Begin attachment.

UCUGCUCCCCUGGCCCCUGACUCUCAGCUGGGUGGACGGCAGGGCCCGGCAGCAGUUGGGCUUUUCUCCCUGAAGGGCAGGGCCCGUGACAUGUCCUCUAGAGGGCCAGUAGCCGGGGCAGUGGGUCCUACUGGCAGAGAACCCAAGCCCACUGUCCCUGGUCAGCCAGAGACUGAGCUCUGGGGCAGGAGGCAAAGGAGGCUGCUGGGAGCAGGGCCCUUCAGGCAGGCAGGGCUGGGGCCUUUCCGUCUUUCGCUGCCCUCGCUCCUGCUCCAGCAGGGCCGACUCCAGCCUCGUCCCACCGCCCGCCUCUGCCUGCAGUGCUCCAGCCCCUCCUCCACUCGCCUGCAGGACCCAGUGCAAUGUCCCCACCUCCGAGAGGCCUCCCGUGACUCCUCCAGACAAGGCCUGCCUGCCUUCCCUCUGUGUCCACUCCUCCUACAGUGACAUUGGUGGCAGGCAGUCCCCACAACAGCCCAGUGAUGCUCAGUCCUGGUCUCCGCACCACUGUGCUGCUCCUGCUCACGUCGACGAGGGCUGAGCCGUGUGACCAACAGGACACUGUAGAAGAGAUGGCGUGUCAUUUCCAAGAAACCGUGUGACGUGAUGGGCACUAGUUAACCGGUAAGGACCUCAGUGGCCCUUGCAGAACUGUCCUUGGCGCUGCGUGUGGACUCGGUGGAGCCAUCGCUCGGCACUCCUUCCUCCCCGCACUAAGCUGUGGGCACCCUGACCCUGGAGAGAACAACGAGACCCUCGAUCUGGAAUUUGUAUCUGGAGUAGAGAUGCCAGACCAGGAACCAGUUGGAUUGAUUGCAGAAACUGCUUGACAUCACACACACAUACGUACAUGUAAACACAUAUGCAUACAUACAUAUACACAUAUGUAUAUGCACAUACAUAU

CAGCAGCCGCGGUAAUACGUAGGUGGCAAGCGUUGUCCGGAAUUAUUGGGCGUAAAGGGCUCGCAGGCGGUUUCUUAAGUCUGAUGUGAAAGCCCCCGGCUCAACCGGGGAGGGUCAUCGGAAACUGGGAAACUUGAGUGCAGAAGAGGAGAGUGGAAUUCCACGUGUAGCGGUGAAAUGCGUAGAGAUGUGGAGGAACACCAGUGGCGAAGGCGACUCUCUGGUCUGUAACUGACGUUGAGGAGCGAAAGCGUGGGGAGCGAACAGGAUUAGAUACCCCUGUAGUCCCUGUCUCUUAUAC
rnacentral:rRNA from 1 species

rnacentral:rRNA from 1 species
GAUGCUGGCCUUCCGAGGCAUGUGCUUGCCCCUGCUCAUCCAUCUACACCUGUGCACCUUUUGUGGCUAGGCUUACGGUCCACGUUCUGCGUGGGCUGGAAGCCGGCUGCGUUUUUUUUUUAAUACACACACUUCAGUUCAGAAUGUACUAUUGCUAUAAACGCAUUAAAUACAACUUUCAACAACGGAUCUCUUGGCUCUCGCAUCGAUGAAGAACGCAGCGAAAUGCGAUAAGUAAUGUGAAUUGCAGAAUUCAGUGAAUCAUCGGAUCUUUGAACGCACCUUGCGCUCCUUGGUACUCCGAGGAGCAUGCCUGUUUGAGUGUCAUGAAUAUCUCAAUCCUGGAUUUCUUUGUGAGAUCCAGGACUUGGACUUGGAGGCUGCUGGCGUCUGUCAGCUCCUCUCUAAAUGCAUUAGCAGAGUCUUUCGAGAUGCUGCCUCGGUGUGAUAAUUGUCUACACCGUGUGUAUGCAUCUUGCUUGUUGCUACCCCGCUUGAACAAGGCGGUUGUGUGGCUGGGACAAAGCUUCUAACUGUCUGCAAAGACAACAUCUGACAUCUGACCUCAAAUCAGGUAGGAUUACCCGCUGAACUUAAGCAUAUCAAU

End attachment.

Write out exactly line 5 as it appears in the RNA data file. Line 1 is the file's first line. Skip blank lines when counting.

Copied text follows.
GAUGCUGGCCUUCCGAGGCAUGUGCUUGCCCCUGCUCAUCCAUCUACACCUGUGCACCUUUUGUGGCUAGGCUUACGGUCCACGUUCUGCGUGGGCUGGAAGCCGGCUGCGUUUUUUUUUUAAUACACACACUUCAGUUCAGAAUGUACUAUUGCUAUAAACGCAUUAAAUACAACUUUCAACAACGGAUCUCUUGGCUCUCGCAUCGAUGAAGAACGCAGCGAAAUGCGAUAAGUAAUGUGAAUUGCAGAAUUCAGUGAAUCAUCGGAUCUUUGAACGCACCUUGCGCUCCUUGGUACUCCGAGGAGCAUGCCUGUUUGAGUGUCAUGAAUAUCUCAAUCCUGGAUUUCUUUGUGAGAUCCAGGACUUGGACUUGGAGGCUGCUGGCGUCUGUCAGCUCCUCUCUAAAUGCAUUAGCAGAGUCUUUCGAGAUGCUGCCUCGGUGUGAUAAUUGUCUACACCGUGUGUAUGCAUCUUGCUUGUUGCUACCCCGCUUGAACAAGGCGGUUGUGUGGCUGGGACAAAGCUUCUAACUGUCUGCAAAGACAACAUCUGACAUCUGACCUCAAAUCAGGUAGGAUUACCCGCUGAACUUAAGCAUAUCAAU